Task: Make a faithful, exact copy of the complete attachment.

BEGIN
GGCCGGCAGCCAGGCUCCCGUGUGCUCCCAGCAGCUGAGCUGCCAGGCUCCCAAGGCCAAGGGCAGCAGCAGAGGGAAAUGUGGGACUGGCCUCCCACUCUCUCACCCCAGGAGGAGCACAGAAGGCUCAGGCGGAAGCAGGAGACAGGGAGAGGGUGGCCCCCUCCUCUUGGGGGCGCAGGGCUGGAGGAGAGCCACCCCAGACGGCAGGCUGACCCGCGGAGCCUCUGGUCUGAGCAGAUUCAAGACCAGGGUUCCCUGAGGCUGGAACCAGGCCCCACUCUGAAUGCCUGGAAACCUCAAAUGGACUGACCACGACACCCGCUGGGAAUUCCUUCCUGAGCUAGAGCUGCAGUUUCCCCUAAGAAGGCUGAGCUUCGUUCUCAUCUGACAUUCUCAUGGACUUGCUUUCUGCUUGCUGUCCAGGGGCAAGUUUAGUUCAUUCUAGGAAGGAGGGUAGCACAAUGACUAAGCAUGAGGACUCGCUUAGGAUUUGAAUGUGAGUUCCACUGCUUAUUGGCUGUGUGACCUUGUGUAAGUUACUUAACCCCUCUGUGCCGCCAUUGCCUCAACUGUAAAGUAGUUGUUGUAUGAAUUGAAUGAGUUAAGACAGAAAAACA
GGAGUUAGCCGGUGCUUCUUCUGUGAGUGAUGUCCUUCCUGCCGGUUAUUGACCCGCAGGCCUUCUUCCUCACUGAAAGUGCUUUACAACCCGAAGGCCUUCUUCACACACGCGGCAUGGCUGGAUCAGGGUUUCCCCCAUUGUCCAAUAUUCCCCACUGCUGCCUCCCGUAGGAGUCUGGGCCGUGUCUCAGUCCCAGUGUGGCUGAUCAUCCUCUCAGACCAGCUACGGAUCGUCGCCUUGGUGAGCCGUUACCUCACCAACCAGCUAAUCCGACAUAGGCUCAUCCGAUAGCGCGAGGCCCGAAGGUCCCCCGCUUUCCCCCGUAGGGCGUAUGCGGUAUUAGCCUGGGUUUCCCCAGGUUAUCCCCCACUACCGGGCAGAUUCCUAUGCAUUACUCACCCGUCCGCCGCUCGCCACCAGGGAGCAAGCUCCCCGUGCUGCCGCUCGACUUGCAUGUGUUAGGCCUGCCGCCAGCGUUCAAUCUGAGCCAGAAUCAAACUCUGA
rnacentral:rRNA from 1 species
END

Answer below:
GGCCGGCAGCCAGGCUCCCGUGUGCUCCCAGCAGCUGAGCUGCCAGGCUCCCAAGGCCAAGGGCAGCAGCAGAGGGAAAUGUGGGACUGGCCUCCCACUCUCUCACCCCAGGAGGAGCACAGAAGGCUCAGGCGGAAGCAGGAGACAGGGAGAGGGUGGCCCCCUCCUCUUGGGGGCGCAGGGCUGGAGGAGAGCCACCCCAGACGGCAGGCUGACCCGCGGAGCCUCUGGUCUGAGCAGAUUCAAGACCAGGGUUCCCUGAGGCUGGAACCAGGCCCCACUCUGAAUGCCUGGAAACCUCAAAUGGACUGACCACGACACCCGCUGGGAAUUCCUUCCUGAGCUAGAGCUGCAGUUUCCCCUAAGAAGGCUGAGCUUCGUUCUCAUCUGACAUUCUCAUGGACUUGCUUUCUGCUUGCUGUCCAGGGGCAAGUUUAGUUCAUUCUAGGAAGGAGGGUAGCACAAUGACUAAGCAUGAGGACUCGCUUAGGAUUUGAAUGUGAGUUCCACUGCUUAUUGGCUGUGUGACCUUGUGUAAGUUACUUAACCCCUCUGUGCCGCCAUUGCCUCAACUGUAAAGUAGUUGUUGUAUGAAUUGAAUGAGUUAAGACAGAAAAACA
GGAGUUAGCCGGUGCUUCUUCUGUGAGUGAUGUCCUUCCUGCCGGUUAUUGACCCGCAGGCCUUCUUCCUCACUGAAAGUGCUUUACAACCCGAAGGCCUUCUUCACACACGCGGCAUGGCUGGAUCAGGGUUUCCCCCAUUGUCCAAUAUUCCCCACUGCUGCCUCCCGUAGGAGUCUGGGCCGUGUCUCAGUCCCAGUGUGGCUGAUCAUCCUCUCAGACCAGCUACGGAUCGUCGCCUUGGUGAGCCGUUACCUCACCAACCAGCUAAUCCGACAUAGGCUCAUCCGAUAGCGCGAGGCCCGAAGGUCCCCCGCUUUCCCCCGUAGGGCGUAUGCGGUAUUAGCCUGGGUUUCCCCAGGUUAUCCCCCACUACCGGGCAGAUUCCUAUGCAUUACUCACCCGUCCGCCGCUCGCCACCAGGGAGCAAGCUCCCCGUGCUGCCGCUCGACUUGCAUGUGUUAGGCCUGCCGCCAGCGUUCAAUCUGAGCCAGAAUCAAACUCUGA
rnacentral:rRNA from 1 species